Hushed conversations at the deathbed of the news

I don’t know why they let me in, but the room was vast and domed like a mausoleum yet cluttered with preposterous-looking life support equipment.  On a bed the size of a football field lay an equally immense organism – shapeless, featureless, and resembling nothing so much as a slowly deflating balloon.  A zigzag chart on the wall read:  NEWS BUSINESS.  All around stood stricken media owners, journalists, editors, and assorted hangers-on.

One, a balding baby boomer, softy hummed a Doors tune from the Sixties:  “This is the end, my friend…”

I interrupted.  “Looks to me like it has some life left.”

Everyone turned toward me.  I was not known as a friend of the patient, but I held my ground.  “Still pretty huge,” I said.

“That can change in a second,” said an earnest-faced man who called himself Arthur.  “Take newspapers.  What’s going to happen – a gentle decline?”  He pointed to the chart on the wall.  “According to this, that’s the best case scenario.”  He read:

So the price for newpaper companies continues to head downwards because newspapers themselves continue to enjoy a steady and gradual decline in readers and revenues as demographics and technology suck both away. At one end the old readership is simply dying; at the other it isn’t being replaced as people spend the time they once spent reading the news in other ways, primarily online.

Wrong. Sure, for at least the last decade (and Philip Meyer would argue four or five decades) that challenge has been the basic reality of doing business for most print newspapers in the first world. But that steady decline is the best case scenario for print, it’s what happens if everything goes well or even perfectly. The idea that newspaper companies are somehow cheap at today’s prices rests on a very optimistic assumption that the future will be just like the past. Here’s three potential discontinuities that instead of contributing to the steady decline scenario could wipe out one, or more, or all, newspaper businesses overnight…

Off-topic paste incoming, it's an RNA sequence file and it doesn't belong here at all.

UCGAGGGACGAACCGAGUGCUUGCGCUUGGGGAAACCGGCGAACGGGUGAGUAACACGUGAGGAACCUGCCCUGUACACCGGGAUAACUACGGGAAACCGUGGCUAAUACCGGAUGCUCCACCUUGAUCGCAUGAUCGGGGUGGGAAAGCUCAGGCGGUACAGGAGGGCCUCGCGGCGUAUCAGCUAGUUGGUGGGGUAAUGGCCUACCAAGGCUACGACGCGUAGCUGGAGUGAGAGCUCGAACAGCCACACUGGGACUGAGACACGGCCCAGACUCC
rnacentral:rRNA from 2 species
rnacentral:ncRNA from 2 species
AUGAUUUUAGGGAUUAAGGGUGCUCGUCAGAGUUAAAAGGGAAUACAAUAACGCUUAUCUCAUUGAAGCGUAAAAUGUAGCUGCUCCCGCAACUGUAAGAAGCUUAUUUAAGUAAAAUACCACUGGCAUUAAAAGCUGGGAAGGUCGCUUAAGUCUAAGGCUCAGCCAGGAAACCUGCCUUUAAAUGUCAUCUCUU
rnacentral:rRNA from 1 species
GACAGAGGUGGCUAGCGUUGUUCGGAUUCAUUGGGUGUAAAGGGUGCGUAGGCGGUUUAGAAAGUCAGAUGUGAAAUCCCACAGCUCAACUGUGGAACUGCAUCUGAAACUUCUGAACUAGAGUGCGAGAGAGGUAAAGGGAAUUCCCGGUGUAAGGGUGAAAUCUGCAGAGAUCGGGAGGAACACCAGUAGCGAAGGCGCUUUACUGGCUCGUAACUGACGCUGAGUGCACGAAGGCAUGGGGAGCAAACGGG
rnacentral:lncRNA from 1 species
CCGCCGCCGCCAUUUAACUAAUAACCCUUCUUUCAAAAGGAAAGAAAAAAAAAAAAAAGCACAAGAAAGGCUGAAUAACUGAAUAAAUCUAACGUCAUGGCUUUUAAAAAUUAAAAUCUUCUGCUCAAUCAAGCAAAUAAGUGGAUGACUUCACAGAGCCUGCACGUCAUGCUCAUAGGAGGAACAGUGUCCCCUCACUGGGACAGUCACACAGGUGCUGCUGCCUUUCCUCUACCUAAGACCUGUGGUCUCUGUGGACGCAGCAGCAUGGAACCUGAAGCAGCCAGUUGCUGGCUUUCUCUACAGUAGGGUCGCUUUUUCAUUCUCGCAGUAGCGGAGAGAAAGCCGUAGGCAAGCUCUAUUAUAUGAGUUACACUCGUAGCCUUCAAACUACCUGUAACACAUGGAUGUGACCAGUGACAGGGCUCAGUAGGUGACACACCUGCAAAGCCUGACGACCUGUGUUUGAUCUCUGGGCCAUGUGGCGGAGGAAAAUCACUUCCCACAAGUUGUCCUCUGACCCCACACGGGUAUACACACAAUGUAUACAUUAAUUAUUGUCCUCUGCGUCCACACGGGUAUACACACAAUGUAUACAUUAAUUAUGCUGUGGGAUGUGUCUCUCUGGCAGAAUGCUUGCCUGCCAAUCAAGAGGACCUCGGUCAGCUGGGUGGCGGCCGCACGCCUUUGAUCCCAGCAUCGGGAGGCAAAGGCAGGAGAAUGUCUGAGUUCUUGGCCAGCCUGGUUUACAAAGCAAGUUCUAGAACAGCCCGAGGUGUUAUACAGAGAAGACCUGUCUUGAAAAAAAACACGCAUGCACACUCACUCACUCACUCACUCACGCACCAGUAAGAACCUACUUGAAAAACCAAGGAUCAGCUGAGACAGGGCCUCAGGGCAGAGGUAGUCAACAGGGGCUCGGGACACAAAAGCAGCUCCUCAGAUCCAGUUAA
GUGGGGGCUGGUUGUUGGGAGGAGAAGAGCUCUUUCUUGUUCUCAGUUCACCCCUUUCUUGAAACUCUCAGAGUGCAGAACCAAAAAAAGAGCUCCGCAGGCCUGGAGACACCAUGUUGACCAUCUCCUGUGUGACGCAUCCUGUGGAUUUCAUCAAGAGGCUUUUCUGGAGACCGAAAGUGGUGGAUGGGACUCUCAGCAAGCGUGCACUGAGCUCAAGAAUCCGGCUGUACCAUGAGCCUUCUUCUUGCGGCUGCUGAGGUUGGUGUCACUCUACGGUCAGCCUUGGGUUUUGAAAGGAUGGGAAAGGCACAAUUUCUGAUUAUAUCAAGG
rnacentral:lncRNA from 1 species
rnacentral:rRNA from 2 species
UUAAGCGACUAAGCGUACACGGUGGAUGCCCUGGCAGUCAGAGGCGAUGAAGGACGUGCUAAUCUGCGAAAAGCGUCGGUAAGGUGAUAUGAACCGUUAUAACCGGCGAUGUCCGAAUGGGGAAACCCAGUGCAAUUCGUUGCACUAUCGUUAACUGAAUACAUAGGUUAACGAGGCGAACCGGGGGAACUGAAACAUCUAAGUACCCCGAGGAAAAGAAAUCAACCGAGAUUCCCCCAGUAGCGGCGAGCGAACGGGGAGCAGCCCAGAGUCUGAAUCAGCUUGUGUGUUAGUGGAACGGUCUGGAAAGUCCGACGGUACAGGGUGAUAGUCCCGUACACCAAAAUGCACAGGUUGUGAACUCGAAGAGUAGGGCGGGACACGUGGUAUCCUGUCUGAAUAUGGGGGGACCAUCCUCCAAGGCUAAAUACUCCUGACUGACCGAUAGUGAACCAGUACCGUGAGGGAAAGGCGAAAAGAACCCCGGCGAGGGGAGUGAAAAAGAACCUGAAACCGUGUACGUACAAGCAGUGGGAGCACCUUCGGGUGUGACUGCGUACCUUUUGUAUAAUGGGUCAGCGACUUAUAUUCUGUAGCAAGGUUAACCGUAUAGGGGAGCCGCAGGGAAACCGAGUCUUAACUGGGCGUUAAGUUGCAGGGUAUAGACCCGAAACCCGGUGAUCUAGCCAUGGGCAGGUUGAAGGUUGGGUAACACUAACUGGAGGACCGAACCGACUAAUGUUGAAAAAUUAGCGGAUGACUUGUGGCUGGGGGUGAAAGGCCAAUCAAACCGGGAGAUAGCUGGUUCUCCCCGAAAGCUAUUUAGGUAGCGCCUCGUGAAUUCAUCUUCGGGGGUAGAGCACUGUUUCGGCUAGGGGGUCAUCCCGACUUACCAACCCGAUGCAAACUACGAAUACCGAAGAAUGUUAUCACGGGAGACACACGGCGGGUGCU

I read the whole thing, and felt forced to agree that the situation looked dire.  But we lived, after all, in the digital age.  Information companies made money on the web:  Google did it, and Facebook.  Amazon, a retailer, made money on the web.  Couldn’t purveyors of news do the same?

Arthur became agitated, and muttered something about walls.  At the word, the entire group shuffled restlessly and groaned – even the patient on his vast bed emitted a sad flatulent sound.

“The future of information is to lock it up behind walls.  High walls.  Hard walls.  Lots of walls,” Arthur repeated.  “Then you charge the public when they want to come in.”

“But you tried that before, and it didn’t work,” I observed.

“Yes, but this time I’ve made up lots of incredibly complicated rules about who can get in.  You see the difference?”  Suddenly his face collapsed.  “Who am I kidding?  This plan sucks.  The best thing about it was the nostalgia – it reminded me of the old days, when I just made up the rules and nobody talked back…”

“Here’s a dirty little secret,” whispered a grimacing female in a cigarette voice.  “Someone once said that a newspaper has its head in high politics but its feet planted in commerce.  Well, the commerce is shot to hell.  But you know who really cares about politics?  NobodyWe care because we get passes to the White House.  Nobody else gives a damn – they’d rather read about the Redskins or Justin Beeber or Oprah…”

“We’re not interested in politics,” I nodded.  “The public, I mean.”

Once again they groaned and hissed in unison.  “The public!  The public needs our information just to survive.”

“But, then, wouldn’t they pay a lot of money for it?”

Silence.  Then:  “The public should need our information just to survive.”

Arthur broke in.  “The public is ignorant and lazy.  Take you, for example.  As a member of the public, you are ignorant and lazy.  And you need journalism to remind you how ignorant and lazy you are.”  He assumed a professorial tone.  “The moral turpitude of the public was first demonstrated by Walter Lippmann in 1922.  It was proven beyond a doubt by Cass Sunstein in 2001.  And who can dispute Andrew Keen’s shattering arguments in 2007 – remember the whole cult of the amateur thing?”